updated 3/3/2004 4:15:12 PM ET 2004-03-03T21:15:12

The FBI announced a new effort Wednesday to disseminate photographs of unidentified child pornographers on television and the Internet in hopes they will be recognized.

The first two suspects arrested were identified after their photos aired recently on the “America’s Most Wanted” television show. The FBI also will post images on its Web site and possibly through other TV and print media, officials said.

Stacey Bradley, a supervisory special agent in the Baltimore FBI field office, said thousands of images of unknown adults and children are found on computers, in Internet chat rooms and elsewhere during child molestation investigations.

“It’s still occurring every day to our children in the United States,” Bradley said at a news conference. “They’re all over the Internet.”

The initiative is part of the FBI’s “Innocent Images” program, which is based in the Baltimore FBI office, to combat sexual exploitation of children on the Internet. Since the program began in 1995, more than 3,000 people have been arrested.

'John Doe' indictments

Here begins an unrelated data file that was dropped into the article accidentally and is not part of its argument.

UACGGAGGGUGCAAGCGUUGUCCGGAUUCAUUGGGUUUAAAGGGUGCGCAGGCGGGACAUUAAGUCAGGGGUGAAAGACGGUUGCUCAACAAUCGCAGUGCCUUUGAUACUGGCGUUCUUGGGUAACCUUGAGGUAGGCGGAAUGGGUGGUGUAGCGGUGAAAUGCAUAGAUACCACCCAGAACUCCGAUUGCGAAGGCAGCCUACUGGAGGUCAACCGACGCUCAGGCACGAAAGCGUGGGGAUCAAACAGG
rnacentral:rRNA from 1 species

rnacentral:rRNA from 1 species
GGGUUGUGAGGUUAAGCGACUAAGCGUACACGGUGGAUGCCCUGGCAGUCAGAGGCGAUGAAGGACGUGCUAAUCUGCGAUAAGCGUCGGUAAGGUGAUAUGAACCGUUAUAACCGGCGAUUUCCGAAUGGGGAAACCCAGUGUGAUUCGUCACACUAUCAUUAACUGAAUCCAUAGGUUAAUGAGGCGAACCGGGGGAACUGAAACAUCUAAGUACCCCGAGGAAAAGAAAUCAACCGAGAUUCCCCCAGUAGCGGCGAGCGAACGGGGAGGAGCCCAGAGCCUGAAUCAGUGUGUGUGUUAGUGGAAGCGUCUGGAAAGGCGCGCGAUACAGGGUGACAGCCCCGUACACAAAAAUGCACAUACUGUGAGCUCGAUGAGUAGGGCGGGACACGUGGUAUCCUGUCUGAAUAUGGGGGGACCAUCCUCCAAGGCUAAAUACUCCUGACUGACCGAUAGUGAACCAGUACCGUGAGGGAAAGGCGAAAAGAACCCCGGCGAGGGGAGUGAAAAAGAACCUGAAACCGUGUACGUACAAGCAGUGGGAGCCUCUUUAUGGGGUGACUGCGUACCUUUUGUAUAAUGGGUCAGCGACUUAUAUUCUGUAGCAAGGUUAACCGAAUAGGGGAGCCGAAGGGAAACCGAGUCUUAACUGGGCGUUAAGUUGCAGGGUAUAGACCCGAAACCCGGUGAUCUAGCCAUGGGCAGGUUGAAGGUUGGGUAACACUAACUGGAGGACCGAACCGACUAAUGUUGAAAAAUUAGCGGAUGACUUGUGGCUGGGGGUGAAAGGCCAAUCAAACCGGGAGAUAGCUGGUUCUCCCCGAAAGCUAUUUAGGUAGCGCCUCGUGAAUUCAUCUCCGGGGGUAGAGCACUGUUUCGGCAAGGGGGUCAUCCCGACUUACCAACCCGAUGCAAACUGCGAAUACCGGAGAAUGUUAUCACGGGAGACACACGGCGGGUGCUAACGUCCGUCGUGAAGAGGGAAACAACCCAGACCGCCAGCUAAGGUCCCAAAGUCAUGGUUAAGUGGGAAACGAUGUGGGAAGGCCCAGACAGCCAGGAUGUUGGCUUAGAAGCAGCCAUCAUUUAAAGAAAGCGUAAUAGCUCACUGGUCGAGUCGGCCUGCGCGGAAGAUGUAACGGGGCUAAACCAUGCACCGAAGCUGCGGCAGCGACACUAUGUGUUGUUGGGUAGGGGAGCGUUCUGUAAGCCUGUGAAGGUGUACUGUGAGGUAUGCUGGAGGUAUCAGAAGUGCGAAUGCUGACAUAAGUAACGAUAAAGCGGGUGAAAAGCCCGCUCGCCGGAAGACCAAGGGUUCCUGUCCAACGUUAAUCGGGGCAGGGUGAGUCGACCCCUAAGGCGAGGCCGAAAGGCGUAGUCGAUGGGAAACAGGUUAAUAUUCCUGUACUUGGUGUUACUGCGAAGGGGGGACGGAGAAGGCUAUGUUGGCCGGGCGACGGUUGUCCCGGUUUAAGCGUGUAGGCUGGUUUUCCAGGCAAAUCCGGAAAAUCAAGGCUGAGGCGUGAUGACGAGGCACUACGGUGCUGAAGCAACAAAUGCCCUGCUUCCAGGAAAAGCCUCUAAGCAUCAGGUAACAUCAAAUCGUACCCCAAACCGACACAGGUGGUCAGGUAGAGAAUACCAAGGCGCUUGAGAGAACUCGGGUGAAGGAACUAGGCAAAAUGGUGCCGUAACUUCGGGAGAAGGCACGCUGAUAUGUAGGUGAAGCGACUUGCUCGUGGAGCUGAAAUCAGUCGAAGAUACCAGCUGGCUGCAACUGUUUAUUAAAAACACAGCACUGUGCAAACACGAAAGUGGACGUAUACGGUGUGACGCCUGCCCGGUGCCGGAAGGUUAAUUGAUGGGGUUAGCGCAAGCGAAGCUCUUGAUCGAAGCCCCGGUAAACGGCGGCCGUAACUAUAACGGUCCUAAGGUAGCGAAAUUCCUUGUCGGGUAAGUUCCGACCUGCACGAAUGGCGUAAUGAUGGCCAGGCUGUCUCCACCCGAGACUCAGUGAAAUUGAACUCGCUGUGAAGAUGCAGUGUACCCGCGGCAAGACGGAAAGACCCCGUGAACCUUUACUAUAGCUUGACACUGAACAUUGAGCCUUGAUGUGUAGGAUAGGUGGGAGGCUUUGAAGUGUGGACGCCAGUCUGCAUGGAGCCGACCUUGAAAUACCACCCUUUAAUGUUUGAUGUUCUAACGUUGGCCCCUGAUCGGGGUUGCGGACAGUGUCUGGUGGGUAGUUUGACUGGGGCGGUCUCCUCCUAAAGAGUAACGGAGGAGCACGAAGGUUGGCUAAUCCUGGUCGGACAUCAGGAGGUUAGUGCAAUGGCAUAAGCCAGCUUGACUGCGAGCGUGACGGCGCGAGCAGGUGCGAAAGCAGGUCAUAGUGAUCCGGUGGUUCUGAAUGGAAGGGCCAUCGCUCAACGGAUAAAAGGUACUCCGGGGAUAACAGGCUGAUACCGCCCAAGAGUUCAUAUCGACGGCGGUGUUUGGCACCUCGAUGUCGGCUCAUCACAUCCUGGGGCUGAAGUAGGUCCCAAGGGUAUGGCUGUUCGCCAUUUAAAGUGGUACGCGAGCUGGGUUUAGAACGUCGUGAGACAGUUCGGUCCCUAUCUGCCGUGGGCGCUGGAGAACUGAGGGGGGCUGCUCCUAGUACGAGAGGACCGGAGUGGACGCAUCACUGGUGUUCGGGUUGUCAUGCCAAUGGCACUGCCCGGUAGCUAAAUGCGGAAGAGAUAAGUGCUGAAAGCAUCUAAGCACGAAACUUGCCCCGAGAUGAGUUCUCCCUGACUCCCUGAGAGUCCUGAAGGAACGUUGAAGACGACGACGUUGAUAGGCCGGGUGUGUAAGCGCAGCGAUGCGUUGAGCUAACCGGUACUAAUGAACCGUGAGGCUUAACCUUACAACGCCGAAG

What’s new about the initiative announced Wednesday is that the FBI and Justice Department are seeking “John Doe” grand jury indictments of the unidentified suspects. That has rarely been done in child exploitation cases, partly for fear that a lookalike could be mistakenly arrested.

Use of “America’s Most Wanted,” the FBI officials said, brings these suspects’ images into millions of homes.

“These people think they have had a leg up for years, that they can get away with this,” said John Walsh, host of the show. “This is the future.”

On Feb. 21, the show profiled a suspected child pornographer known only as “John Doe Jared.” He was later identified as Scott Hayden, a prisoner serving a 30-year sentence in Michigan City, Ind., for another child exploitation crime.

The second suspect’s photo aired last Saturday. Thomas Richard Evered surrendered a short time later in Missoula County, Mont., after his sister spotted him on the show, FBI officials said.

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